Hirsch: That’s the idea. To create an incantatory biblical feeling. I also borrow a line from a Shakespeare song in Twelfth Night: “For the rain it raineth every day.”

Rumpus: I also wanted to ask you about the epitaph that you include “Away without a care / But instead someone picked it up / And laid it gently down / . . . Rest in peace at last hyperactive one / I will stand above you aghast.” Is that an internal epitaph, or is that actually on the stone?

Hirsch: It’s an internal epitaph. What is on the stone is the second-to-last line of the poem: “Wild spirit beloved son.” Those “Rest in peace” lines do have an epigraphic feeling. I was thinking of those epitaphs from the Greek anthology. In fact, when I first wrote this it rhymed the way epitaphs often do.

Rumpus: Sure.

Hirsch: But I decided that wasn’t right for this and so I ruptured the rhyme. But it’s italicized and meant to have the feeling of an epitaphic statement.

Rumpus: It evokes that for sure.

Hirsch: That’s right.

Rumpus: It’s also one of the parts in the book that broke me.

Hirsch: It’s the same feeling you’re getting in the autopsy report. The moment that is most devastating is when you simply number the cemetery plot. There’s a terrifying coldness in the numerical system. You’re left juxtaposing the life of the boy, such a vivid spirit, with the coldness of the grave, its location in the cemetery. The section builds on the ritual of taking a stone and placing it on the grave.

Rumpus: Are there other poems that you wrote that you decided not to put into the book, but that you now wish were in here?

Hirsch: No. There are plenty of other anecdotes about Gabriel, but the poem isn’t meant to be a full compendium. It wasn’t meant to include everything about him.

Rumpus: Just to get more data about your son.

Hirsch: Exactly. I also have poems about other poets that I couldn’t quite bring to fruition: Sir Walter Raleigh’s instructions to his son, the story of Emerson and his boy Waldo, Melville’s two sons. I just couldn’t quite bring them to fruition. Maybe I’ll write them as poems at some other point. I had a poem about John Donne and his many children that died. I couldn’t quite make that work, either. But I don’t think that anything that I left out would have really contributed that much to the overall feeling or structure. Everything I left out probably should have been left out.

Rumpus: It feels like the right length.

Hirsch: That’s what I came to. I originally had the idea of trying to do one hundred sections. And then I realized they weren’t all of the same level. It seemed miscalculated to pad the poem. I wanted it to be as spare as possible. The poem has to move rapidly—that’s part of its charge. Each section has its own rhythm and structure, but it is also propelling you forward. It has to keep its speed, its forward motion.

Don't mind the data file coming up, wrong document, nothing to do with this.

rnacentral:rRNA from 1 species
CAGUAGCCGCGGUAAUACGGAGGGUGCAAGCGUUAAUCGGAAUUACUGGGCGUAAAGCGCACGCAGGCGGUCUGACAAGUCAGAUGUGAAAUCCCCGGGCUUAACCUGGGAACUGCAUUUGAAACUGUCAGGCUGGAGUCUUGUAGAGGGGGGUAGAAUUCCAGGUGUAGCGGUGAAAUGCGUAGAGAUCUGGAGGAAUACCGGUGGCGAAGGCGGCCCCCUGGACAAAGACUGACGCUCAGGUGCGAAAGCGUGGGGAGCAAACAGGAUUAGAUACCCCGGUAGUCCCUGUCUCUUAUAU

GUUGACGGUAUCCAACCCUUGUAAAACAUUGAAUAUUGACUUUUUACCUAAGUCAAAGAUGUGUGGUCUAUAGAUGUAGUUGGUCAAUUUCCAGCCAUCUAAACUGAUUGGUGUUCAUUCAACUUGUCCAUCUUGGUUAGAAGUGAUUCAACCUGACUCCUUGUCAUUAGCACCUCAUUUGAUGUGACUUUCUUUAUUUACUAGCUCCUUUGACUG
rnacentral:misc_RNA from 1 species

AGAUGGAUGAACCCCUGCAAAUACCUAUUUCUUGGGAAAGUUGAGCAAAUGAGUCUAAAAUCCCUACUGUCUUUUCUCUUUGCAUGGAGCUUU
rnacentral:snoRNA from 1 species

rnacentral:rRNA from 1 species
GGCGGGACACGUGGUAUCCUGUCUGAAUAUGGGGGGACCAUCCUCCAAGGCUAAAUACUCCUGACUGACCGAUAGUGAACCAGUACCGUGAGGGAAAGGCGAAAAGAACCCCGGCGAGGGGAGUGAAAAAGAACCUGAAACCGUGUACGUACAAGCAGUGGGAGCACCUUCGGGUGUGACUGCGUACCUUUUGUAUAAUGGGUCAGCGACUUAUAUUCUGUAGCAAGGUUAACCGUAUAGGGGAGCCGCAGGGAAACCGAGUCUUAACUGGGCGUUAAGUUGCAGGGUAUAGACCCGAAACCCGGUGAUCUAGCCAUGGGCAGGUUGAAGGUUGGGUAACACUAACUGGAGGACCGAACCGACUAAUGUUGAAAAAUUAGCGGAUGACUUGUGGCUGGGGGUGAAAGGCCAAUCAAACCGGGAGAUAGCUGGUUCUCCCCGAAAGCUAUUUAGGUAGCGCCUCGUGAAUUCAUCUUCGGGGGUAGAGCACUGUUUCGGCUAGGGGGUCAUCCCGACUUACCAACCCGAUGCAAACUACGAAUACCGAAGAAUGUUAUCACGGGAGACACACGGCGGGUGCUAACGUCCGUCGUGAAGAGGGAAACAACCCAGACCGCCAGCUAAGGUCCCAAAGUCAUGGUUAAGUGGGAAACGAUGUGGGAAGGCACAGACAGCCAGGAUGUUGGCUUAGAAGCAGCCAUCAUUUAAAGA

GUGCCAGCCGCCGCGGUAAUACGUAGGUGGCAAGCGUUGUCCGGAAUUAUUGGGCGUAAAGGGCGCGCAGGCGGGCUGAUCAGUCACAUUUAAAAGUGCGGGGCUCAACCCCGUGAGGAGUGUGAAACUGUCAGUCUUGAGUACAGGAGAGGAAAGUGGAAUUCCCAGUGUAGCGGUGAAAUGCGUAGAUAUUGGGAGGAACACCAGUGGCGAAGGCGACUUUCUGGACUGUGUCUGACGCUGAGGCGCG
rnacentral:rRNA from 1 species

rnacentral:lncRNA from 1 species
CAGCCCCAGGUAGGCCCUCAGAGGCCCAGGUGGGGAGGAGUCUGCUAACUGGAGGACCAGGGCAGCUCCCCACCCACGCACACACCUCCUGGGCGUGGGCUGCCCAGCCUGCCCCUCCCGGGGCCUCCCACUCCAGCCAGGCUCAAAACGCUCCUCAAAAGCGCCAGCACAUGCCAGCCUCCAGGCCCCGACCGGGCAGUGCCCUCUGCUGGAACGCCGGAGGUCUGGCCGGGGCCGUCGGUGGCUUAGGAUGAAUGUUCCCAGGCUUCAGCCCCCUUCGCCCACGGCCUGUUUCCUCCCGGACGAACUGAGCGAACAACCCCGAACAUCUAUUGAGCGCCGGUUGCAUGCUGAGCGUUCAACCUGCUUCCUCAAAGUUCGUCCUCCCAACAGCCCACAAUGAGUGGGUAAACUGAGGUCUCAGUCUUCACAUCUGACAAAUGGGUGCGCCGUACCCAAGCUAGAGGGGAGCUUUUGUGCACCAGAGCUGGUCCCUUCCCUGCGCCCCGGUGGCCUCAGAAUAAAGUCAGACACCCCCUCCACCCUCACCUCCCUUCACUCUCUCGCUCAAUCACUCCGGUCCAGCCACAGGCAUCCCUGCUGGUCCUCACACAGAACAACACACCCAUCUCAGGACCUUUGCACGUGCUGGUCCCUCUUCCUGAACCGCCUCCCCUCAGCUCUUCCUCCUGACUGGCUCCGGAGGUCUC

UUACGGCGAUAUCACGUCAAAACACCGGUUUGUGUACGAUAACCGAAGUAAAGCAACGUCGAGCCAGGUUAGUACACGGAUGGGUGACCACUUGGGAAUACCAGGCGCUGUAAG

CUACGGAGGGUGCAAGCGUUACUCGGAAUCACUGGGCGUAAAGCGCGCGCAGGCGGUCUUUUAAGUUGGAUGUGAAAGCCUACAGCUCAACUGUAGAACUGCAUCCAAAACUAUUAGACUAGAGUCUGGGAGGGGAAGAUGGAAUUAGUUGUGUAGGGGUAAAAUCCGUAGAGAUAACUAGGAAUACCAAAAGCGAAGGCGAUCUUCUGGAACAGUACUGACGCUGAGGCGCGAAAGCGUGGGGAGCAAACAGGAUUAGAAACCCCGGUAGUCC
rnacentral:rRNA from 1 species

Rumpus: It works. I also wanted to ask you about this poem that would seem to be a dream that you had that you’re sitting across from him in a diner. Can you talk a little bit about that? That too is a haunting moment.

Hirsch: Well, that recounts a dream I had. As you know, sometimes when you dream you see someone exactly as he looked. Details that are lost to your conscious mind come back to you from the unconscious.

Rumpus: Yes.

Hirsch: Sometimes when you dream a person is delivered back to you—whole. That is what happened to me. But then you wake up. You’re left again with your conscious mind, your sorrow. The devastation of the loss comes back to you. I just tried to dramatize the experience.

Rumpus: After my grandmother died, I used to have dreams that she would visit me. The emotional presence of those dream visits is the closest thing you can get to recreating the actual physical emotional presence of someone—even more so than when you’re consciously thinking about them. It re-conjures them in some deep, deep emotional way, and I remember sometimes I would wake up crying. I guess I was reminded of that when I read that poem, and it was very effective in re-igniting that deep fire of grief that I feel is really burning low here but also high at the same time.

Hirsch: At this point in the poem the reader also knows quite a bit about Gabriel already. I was just writing out of life—the sense of his presence, the sensation of waking up to the loss.

Rumpus: Can I also ask you about the poem where you’re kind of saying goodbye to him, you’re leaning over the casket. That had to have been an incredibly difficult poem to write.

Hirsch: It was a devastating thing to live.

Rumpus: It’s an incredibly brave thing to write. I don’t know that I could have done it.

Hirsch: Thank you for saying so. I hope you never have to.

Rumpus: I guess I wanted you to know that.

Hirsch: It’s primal. I’m trying to write about something very close to the bone, very primitive, and to put it into language.